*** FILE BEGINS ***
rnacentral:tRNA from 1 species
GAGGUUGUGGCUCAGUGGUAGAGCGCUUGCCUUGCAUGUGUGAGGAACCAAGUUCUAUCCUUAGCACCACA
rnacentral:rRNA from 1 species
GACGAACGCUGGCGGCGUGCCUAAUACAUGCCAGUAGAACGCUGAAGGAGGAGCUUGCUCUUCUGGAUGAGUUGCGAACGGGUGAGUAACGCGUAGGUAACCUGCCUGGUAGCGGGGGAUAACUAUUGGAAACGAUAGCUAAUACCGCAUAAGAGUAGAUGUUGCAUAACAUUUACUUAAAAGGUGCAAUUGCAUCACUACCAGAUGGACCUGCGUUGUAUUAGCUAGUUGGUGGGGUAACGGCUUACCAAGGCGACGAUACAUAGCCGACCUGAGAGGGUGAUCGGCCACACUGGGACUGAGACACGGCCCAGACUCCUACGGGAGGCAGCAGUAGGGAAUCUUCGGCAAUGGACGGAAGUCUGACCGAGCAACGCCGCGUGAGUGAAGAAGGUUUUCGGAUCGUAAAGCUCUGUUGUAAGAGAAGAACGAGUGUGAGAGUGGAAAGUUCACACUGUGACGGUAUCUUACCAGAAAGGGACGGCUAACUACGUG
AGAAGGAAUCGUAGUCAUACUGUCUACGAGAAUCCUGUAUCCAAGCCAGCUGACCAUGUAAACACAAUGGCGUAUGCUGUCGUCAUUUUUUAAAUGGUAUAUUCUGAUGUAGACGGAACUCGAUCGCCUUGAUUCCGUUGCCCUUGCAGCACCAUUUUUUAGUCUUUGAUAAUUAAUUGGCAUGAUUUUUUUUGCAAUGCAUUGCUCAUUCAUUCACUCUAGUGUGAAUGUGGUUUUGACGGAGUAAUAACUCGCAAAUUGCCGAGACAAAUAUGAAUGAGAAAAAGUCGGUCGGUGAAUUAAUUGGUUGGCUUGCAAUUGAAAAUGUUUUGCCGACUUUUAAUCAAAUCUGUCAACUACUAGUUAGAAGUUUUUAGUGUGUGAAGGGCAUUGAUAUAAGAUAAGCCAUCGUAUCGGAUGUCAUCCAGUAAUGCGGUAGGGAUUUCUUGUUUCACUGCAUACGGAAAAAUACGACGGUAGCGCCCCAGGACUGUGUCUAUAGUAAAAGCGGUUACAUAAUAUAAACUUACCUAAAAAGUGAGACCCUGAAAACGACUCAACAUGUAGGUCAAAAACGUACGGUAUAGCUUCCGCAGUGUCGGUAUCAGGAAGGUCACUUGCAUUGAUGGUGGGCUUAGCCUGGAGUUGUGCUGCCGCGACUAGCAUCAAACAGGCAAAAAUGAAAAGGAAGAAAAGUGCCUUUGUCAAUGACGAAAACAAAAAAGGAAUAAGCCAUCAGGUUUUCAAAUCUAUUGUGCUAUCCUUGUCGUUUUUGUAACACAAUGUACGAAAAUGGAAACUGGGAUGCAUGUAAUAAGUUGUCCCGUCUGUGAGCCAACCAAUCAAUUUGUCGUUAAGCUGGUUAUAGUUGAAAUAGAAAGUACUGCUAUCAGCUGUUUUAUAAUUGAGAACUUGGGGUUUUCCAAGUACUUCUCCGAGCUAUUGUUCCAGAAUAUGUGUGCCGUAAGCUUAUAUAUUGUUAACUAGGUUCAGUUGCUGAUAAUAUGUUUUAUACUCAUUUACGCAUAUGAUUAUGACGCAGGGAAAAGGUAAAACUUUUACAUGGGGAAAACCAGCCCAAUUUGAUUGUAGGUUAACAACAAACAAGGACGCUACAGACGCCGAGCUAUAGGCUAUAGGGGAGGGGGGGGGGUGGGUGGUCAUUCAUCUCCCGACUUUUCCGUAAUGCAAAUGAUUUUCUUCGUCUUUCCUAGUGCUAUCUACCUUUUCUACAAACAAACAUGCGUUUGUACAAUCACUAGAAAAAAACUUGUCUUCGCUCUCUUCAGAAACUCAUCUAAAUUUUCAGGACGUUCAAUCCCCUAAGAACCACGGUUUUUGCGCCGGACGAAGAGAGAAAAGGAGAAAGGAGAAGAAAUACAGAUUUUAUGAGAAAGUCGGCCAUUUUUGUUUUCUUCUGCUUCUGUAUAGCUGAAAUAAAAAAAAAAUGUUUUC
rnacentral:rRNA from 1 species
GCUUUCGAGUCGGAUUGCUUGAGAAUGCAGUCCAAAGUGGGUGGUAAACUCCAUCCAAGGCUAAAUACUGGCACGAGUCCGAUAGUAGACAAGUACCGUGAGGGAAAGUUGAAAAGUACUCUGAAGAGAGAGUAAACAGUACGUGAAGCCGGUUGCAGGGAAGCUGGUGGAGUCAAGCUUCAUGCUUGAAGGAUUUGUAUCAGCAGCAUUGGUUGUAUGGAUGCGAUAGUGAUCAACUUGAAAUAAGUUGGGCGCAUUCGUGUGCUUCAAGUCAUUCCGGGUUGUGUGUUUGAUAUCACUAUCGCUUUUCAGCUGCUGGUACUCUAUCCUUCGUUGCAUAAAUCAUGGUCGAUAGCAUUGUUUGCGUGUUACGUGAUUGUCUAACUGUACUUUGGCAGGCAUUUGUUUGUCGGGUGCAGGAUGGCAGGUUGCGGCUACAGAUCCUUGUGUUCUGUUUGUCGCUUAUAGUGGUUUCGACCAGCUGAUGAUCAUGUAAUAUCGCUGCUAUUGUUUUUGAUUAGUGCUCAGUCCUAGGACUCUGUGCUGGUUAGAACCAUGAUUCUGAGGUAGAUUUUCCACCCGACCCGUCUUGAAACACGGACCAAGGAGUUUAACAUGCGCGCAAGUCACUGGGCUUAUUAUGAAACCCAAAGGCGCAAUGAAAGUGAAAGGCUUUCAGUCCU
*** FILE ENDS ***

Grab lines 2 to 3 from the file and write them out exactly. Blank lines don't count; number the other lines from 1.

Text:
GAGGUUGUGGCUCAGUGGUAGAGCGCUUGCCUUGCAUGUGUGAGGAACCAAGUUCUAUCCUUAGCACCACA
rnacentral:rRNA from 1 species